“I’ve been training for the Chardonnay 1K.”
“Succulents are very in right now.”
“They only took out three displays today.”
“When he grows up, he wants to be an Uber driver.”
By Victoria Gaffney
Editor’s Note: This post has been updated to reflect new information.
This week, the humdrum Arlington Transit bus ride down Wilson Boulevard will start to look a little more interesting. Rather than the usual interior placards, commuters and passengers on the No. 41, 42, and 87 bus routes may find unique digital images instead.
Cynthia Connolly, Visual Arts Curator at Artisphere, is responsible for the change. On Tuesday, she and Arlington-based photographer Jason Horowitz got together and installed the next round of artwork for Connolly’s project “Art on the Art Bus.”
Horowitz, who has ridden the Art on the Art Bus to see the exhibits of some of his friends, is excited to participate in the project. A longtime photographer, he says he focuses on looking at and reinterpreting the world through what he makes. Horowitz thought Connolly’s project was especially unique, saying “it didn’t conform to the way I usually work.” The small size of the bus placards added another layer of difficulty.
He decided to make something new for the project and traveled around shooting scenes primarily in Arlington with some in D.C. His images are not mere photos, however; they are abstract assemblages of shots taken over the course of an hour. His process begins by taking a series of photos of the same place. Then, returning to his studio, he assembles the shots in varying ways to create one image. The process allows him to “rebuild the scene, but in a more abstracted form,” he says.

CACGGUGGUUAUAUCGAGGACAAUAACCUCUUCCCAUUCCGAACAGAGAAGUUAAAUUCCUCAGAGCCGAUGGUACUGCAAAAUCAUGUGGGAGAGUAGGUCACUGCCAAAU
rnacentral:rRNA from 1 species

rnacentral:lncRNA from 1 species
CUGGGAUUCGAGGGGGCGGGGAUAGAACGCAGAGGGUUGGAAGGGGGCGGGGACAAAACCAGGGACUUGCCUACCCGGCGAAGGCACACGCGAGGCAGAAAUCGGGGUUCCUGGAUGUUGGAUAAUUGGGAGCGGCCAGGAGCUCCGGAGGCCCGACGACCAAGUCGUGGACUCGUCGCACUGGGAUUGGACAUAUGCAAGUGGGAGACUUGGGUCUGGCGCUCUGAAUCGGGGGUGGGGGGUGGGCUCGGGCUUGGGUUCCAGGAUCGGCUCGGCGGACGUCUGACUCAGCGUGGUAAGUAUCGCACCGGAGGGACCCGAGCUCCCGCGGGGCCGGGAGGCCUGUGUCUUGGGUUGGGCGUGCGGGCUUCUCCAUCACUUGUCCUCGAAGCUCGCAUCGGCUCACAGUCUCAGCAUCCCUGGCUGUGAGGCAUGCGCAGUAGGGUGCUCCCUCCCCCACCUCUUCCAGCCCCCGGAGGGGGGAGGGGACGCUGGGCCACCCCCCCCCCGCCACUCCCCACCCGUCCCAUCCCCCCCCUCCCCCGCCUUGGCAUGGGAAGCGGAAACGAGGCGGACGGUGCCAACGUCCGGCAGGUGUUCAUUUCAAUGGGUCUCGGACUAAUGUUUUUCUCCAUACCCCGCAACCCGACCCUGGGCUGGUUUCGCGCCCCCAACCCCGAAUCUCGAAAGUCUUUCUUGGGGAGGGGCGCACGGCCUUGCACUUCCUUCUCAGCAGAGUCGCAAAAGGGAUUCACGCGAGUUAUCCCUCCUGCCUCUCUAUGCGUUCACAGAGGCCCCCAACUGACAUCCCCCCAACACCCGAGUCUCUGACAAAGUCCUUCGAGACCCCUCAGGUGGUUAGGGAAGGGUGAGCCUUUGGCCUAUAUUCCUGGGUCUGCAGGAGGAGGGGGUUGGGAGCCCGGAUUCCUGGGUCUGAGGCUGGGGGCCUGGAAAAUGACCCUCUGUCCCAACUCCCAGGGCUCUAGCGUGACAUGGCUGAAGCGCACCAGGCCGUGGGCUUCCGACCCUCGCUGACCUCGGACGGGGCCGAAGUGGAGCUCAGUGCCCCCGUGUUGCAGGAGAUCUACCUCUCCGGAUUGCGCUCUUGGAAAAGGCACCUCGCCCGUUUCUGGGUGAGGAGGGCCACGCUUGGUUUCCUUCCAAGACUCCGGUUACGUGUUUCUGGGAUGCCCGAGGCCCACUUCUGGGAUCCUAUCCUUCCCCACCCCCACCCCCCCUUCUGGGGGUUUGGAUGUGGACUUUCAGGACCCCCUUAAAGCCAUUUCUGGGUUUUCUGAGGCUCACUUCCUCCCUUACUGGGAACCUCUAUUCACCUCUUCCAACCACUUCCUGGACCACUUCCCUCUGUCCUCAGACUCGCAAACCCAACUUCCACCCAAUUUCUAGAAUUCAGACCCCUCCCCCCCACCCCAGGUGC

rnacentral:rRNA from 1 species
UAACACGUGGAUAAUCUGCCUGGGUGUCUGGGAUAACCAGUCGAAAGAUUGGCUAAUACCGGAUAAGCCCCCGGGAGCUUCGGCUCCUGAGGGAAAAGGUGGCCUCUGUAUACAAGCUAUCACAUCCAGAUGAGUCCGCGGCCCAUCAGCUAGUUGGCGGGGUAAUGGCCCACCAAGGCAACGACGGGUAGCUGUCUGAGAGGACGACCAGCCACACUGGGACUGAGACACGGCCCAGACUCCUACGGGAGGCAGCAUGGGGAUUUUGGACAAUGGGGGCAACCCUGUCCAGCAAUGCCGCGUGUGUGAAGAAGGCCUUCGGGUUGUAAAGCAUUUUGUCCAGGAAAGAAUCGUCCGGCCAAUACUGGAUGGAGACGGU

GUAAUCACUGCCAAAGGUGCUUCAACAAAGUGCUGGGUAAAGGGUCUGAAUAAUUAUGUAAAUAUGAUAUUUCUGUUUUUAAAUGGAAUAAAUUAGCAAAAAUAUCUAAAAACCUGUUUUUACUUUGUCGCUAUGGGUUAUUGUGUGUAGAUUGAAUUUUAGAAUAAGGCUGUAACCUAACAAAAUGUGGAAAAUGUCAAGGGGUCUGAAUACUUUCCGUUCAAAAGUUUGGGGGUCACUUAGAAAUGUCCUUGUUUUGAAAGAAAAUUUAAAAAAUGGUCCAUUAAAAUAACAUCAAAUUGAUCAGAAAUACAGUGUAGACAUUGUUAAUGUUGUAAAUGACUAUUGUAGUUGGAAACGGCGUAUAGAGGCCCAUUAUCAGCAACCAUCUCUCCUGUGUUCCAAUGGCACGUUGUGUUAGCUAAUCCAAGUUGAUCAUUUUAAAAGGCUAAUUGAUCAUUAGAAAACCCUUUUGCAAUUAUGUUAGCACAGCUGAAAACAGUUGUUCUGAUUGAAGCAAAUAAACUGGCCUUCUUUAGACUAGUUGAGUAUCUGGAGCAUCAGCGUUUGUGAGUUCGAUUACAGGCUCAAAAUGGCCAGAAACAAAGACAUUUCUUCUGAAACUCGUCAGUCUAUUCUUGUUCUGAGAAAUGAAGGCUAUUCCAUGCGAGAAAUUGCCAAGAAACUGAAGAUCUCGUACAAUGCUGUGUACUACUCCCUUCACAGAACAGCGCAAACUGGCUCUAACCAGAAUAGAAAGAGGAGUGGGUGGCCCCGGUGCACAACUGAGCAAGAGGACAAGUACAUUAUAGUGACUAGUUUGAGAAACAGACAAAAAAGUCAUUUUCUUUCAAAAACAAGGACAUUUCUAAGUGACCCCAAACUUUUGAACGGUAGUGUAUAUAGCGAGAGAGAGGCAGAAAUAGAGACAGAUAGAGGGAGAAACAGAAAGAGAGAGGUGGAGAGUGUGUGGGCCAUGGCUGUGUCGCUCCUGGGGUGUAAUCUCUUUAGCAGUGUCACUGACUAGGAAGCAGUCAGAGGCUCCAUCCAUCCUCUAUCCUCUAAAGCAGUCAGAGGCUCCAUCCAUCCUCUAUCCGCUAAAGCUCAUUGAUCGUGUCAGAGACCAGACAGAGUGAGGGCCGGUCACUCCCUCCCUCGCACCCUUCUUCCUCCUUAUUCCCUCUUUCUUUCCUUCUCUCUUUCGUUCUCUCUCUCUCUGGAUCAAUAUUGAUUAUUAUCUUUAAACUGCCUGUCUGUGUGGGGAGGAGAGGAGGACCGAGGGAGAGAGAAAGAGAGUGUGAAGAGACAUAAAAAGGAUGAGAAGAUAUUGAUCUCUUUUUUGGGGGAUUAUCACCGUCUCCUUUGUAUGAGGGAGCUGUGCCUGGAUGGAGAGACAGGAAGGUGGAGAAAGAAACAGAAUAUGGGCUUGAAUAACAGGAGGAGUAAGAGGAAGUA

Connolly first got the idea for Art on the Art Bus about a decade ago when she noticed the name for the Arlington Transit system was abbreviated “Art.” Initially she mistook this to mean there was actual art on the bus. When she saw one of the buses, however, she thought to herself, “I can get art on the bus.”
She wanted the work to be original, but people were concerned it would get destroyed. Connolly reassured them, “That’s the whole point; you just put the art on the bus and see what people do.” She started doing three artists a year in 2010, and the exhibits, which have featured various mediums including paintings, drawings and photos—have been quite popular. Not only does it improve the aesthetics of the bus, but the project as a whole also “changes your perspective of what art is and what it does for us,” says Connolly.